Prayer is not to be devoid of power. In the Bible are records of the power of God that is invoked by praying. Yet, this kind of power is extremely rare in this world today. When the religious, theological blinders are removed and cast aside, the Bible can reveal exactly how prayer is to work.
18 In the morning, as he was returning to the city, he became hungry. 19 And seeing a fig tree by the wayside, he went to it and found nothing on it but only leaves. And he said to it, “May no fruit ever come from you again!” And the fig tree withered at once.
Is the tree withering a normal physical response to human speech? Do you expect plants to instantly respond to your voice and the words that you speak? The instantaneous, remarkable work that was done here was beyond the normal, natural laws. The words which were spoken invoked spiritual power.
20 When the disciples saw it, they marveled, saying, “How did the fig tree wither at once?”(They saw the effect, but did not discern the cause.) 21 And Jesus answered them, “Truly, I say to you, if you have faith (believing) and do not doubt, you will not only do what has been done to the fig tree, but even if you say to this mountain, ‘Be taken up and thrown into the sea,’ it will happen. 22 And whatever you ask in prayer, you will receive, if you have faith (believing).”
Verse 22 is a “promise of God” often referenced when teaching about the power of prayer. Once hearing or reading this verse I would start again, praying various prayers, without the type of results Jesus demonstrated here. Then the self condemnation would start – “oh, I just must not be believing…”. By the context of this section, we know that whatever is asked for in prayer here in verse 22, the expected result is the invocation of spiritual power in order to have the impossible come to pass at our command. So, what kind of prayer is this?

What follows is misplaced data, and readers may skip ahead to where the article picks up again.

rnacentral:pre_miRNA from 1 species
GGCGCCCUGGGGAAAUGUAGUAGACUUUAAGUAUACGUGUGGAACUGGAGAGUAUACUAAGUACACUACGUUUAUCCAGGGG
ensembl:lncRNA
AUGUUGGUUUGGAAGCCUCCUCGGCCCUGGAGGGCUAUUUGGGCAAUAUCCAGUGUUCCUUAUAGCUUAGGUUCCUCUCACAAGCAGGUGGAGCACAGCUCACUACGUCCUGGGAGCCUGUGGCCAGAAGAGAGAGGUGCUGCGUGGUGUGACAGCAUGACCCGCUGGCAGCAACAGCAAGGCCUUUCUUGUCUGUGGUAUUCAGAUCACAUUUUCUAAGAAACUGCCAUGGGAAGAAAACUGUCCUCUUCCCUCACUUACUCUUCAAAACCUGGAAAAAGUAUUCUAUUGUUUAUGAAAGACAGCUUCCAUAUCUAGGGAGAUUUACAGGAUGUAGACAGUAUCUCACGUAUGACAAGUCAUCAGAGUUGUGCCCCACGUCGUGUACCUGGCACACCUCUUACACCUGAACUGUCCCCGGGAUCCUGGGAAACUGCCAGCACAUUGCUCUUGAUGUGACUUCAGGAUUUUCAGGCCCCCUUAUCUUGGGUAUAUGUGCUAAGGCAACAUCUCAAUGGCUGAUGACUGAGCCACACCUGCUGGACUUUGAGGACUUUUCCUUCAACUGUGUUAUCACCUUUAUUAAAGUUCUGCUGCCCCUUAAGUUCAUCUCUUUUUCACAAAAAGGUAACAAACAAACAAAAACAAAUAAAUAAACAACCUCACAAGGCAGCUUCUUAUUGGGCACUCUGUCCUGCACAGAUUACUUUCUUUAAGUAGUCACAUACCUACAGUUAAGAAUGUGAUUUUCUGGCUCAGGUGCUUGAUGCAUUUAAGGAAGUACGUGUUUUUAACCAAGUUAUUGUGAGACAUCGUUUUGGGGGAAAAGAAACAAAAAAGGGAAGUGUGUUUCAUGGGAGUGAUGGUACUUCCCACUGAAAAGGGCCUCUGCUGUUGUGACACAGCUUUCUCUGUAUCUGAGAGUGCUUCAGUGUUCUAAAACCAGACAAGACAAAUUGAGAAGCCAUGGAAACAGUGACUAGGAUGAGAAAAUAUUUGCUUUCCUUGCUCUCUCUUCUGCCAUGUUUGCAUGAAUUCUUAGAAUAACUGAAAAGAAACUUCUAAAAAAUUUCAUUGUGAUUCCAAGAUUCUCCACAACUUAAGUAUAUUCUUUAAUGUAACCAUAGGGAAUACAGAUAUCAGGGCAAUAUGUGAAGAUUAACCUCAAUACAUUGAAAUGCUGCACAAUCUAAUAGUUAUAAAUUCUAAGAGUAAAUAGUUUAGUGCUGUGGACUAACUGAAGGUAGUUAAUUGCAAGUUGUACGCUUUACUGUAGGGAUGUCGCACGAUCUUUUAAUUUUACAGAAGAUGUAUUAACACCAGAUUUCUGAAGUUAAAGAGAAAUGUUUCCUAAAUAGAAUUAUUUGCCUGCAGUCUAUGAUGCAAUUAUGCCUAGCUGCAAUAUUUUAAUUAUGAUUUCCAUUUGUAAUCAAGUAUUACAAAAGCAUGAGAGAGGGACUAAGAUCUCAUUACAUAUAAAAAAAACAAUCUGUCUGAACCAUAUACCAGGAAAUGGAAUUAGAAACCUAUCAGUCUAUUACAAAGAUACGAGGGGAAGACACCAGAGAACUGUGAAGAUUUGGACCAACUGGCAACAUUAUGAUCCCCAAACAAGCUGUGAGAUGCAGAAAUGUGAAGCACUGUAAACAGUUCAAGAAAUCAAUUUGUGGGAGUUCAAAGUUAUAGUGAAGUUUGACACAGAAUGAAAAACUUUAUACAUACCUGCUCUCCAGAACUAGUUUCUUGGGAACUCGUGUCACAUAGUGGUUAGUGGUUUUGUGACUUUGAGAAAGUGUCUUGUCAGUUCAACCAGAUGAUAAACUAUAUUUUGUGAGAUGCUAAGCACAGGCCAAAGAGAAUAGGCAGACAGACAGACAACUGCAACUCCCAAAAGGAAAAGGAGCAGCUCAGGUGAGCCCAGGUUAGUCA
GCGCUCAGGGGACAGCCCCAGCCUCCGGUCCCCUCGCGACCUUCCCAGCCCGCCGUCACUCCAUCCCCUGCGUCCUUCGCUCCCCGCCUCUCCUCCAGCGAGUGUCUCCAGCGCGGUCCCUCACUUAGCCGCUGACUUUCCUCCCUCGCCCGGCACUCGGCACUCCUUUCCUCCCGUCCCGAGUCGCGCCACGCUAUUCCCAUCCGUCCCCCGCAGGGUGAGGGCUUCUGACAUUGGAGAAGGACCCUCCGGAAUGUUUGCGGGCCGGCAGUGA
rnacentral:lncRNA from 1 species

26 Likewise the Spirit helps us in our weakness. For we do not know what to pray for as we ought, but the Spirit himself intercedes for us with groanings too deep for words. 27 And he who searches hearts knows what is the mind of the Spirit, because the Spirit intercedes for the saints (believers) according to the will of God.
We have a weakness. By the senses, in the flesh, we do not know what to pray for as we ought. It requires the operation of holy spirit to overcome this weakness. The instruction, the wisdom is this – as the gift of holy spirit is operated, it intercedes for us, it intercedes for the saints (the believers) according to the will of God. This intercession is associated with speaking in tongues – that is one way in which we act upon these instructions from God and overcome this weakness.
The Epistle of James is written to Hebrew believers whose background and culture is the law and the Jewish religion. In most instances they continued to practice this religion. So there are references in this epistle which we may have difficulty understanding.
13 Is anyone among you suffering? Let him pray. Is anyone cheerful? Let him sing praise. 14 Is anyone among you sick? Let him call for the elders of the church, and let them pray over him, anointing him with oil in the name of the Lord. 15 And the prayer of faith (believing) will save the one who is sick, and the Lord will raise him up. And if he has committed sins, he will be forgiven
Here is a promise of God, again related to prayer. There is nothing magical about oil. Anointing with oil does not initiate the energizing of holy spirit power. This is a custom that the Hebrews practiced in their culture.
16 Therefore, confess your sins to one another and pray for one another, that you may be healed. The prayer of a righteous person has great power as it is working.
Is our flesh righteous? No! Our righteousness is in the new creation in us, the inner spiritual self. It is spiritual. This confession to one another is not a religious act, it is that we minister to each other and strengthen each other.
17 Elijah was a man with a nature like ours, and he prayed fervently that it might not rain, and for three years and six months it did not rain on the earth. 18 Then he prayed again, and heaven gave rain, and the earth bore its fruit.